France's far-right National Front (FN) founder Jean-Marie Le Pen, whose party membership has been suspended by his daughter, said on Monday he plans to set up his own political group.
Last week party chief Marine Le Pen suspended her father’s membership and called a meeting to strip him of his title of honorary chairman after he repeated his view that Nazi gas chambers were a mere “detail” of World War II.
“I will not create another party — I will form a group that will not compete with the FN,” Jean-Marie Le Pen said on Radio Courtoisie.
Opinion polls this year have suggested Marine Le Pen will head the field in the first round of presidential elections due in 2017, although she is not expected to be able to muster enough support to triumph in the subsequent second-round ballot.
But if her father makes a presidential bid with a new party, he could take some of the National Front’s traditional supporters with him, divide the far-right movement and weaken his daughter’s showing in the first round.
Jean-Marie Le Pen said his new group will be “a parachute against disaster” and will welcome all who disagree with the National Front’s current political line.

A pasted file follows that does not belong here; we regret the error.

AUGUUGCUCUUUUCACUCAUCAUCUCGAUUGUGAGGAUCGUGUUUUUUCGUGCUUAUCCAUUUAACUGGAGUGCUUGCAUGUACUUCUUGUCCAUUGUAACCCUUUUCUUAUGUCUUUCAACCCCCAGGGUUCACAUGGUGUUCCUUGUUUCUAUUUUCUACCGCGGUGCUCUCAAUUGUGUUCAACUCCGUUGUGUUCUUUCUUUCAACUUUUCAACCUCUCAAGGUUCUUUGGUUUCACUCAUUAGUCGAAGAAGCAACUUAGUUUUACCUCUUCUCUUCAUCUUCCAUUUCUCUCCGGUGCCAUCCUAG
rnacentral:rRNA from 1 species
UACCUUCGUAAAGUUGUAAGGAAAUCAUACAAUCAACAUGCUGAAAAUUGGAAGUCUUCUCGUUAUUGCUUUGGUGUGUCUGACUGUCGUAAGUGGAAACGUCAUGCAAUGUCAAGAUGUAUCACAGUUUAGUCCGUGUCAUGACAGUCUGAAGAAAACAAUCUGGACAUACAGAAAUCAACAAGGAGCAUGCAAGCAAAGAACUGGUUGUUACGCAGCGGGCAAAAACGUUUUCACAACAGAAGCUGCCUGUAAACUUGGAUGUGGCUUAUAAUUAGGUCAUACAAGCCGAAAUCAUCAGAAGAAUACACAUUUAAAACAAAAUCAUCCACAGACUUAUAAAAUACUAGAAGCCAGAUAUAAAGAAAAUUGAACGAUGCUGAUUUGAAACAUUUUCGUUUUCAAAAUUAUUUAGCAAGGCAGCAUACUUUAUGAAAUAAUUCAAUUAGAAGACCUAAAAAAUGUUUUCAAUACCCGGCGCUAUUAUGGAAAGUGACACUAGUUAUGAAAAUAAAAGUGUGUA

Since taking the helm in 2011, Marine Le Pen has sought to rid the party of its anti-Semitic image and position it as an anti-immigrant, Euroskeptic force offering protectionist policies to shelter France from globalization.
Jean-Marie Le Pen said those opposing the new line “are numerous but do not have the means to make themselves heard.” He added that the new group’s objective is to put pressure on the FN to “return to decades-old policies.”
He agreed last month to give up on seeking to stand for the party in regional elections but has insisted he will not quit politics and will continue as a member of the European Parliament.